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A guide to 8 tasty food festivals this fall around Las Vegas

Updated September 14, 2023 - 10:12 am

As with so much else — sports, entertainment, restaurants, mixology, traffic cones — Las Vegas has also become a leading city for food festivals. The mix brings together OG gatherings like the Las Vegas Greek Fest, celebrating 50 years in 2023, with newer events like Vegas Unstripped, founded in 2018 to showcase local chefs (as opposed to out-of-town talent on the Strip).

Fall approaches. Here are eight festivals to graze your way through the season.

Las Vegas Greek Fest

Sept. 15-17, St. John the Baptist Greek Orthodox Church, 5300 El Camino Road, lasvegasgreekfest.com

At the church, inside an enormous walk-in freezer, stacked 10 to 15 high, they wait: hundreds of aluminum hotel pans filled with pastitsio, dolmades and bogatsa custard pie, all made ahead for the festival. Over three days, up to 25,000 people will attend the fest, eating perhaps 150,000 pieces and plates of food, according to organizers.

What’s on the menu? Pastitsio, dolmades and bogatsa, of course. But also Greek salads and thick-cut Greek fries tossed with garlic, oregano and lemon; tiropita and spanakopita with layers of buttered phyllo; breaded and fried saganaki cheese flambéed in brandy; gyros stuffed with meat cooked on vertical spits; lamb chops, chicken, loukaniko sausage and souvlaki skewers pulled straight from the grill, then served with salad, pilaf and pita.

Tens of thousands of pastries, about half made from scratch by church members, take a turn at the festival. Think baklava, paximadia (like biscotti), koulouria butter cookies, kataifi shredded phyllo rolls with walnuts and syrup, and kourembiethes shortbreads in flurries of powdered sugar. Loukomades, the deep-fried honey doughnuts, are another pastry highlight.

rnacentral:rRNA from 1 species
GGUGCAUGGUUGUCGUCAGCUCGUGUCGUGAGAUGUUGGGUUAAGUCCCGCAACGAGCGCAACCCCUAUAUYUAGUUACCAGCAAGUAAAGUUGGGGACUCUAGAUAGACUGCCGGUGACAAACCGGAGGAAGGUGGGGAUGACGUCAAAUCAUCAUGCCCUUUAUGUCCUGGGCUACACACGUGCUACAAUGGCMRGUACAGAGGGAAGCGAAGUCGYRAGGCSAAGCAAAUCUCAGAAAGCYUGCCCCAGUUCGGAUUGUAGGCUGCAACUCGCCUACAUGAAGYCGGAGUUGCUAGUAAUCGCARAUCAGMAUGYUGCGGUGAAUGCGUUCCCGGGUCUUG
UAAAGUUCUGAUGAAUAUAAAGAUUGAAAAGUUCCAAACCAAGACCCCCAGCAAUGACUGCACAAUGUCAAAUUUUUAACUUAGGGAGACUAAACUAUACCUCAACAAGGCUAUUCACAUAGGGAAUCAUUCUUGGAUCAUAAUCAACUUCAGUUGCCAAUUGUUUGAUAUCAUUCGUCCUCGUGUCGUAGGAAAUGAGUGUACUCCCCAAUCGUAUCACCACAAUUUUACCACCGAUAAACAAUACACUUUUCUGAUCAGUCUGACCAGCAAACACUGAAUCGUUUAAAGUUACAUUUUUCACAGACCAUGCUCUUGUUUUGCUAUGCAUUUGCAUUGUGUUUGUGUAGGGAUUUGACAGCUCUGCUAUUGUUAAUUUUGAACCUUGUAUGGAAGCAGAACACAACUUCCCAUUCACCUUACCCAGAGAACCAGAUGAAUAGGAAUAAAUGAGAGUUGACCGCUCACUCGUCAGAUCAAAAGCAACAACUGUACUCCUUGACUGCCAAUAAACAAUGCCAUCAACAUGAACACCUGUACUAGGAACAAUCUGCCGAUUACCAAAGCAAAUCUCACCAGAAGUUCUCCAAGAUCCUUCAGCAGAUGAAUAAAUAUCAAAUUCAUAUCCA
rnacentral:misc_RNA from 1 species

“We have a family — it’s their mom’s recipe. They’ve been preparing them for many years. The whole family comes out, and they cook them,” said Gus Flangas, a Vegas attorney and church member who is chair of the festival.

Some things are new this year: a beer tent, an improved band (as Flangas put it) playing Greek music, expanded wireless access to speed up paying with plastic. A daily $100 VIP admission package, also debuting this year, features air-conditioned seating, waiters, a private cash bar and lamb turning on a spit.

“It’s the only place at the festival to get spit-cooked lamb,” Flangas said. “Elsewhere, it’s roasted.”

The fest has long offered attractions beyond food and drink. This year, look for Greek dancing, live music from the stage, market vendors, church tours, a children’s area, smaller carnival rides, a miniature train, and a raffle with a $25,000 grand prize.

“We have something for everybody,” Flangas said. “Once the sun goes down and the stage lights up and the dancing and the band kick it into high gear, and the smoke and the lasers — it’s a great experience.”

San Gennaro Feast

Sept. 20-24, M Resort, sangennarofeast.com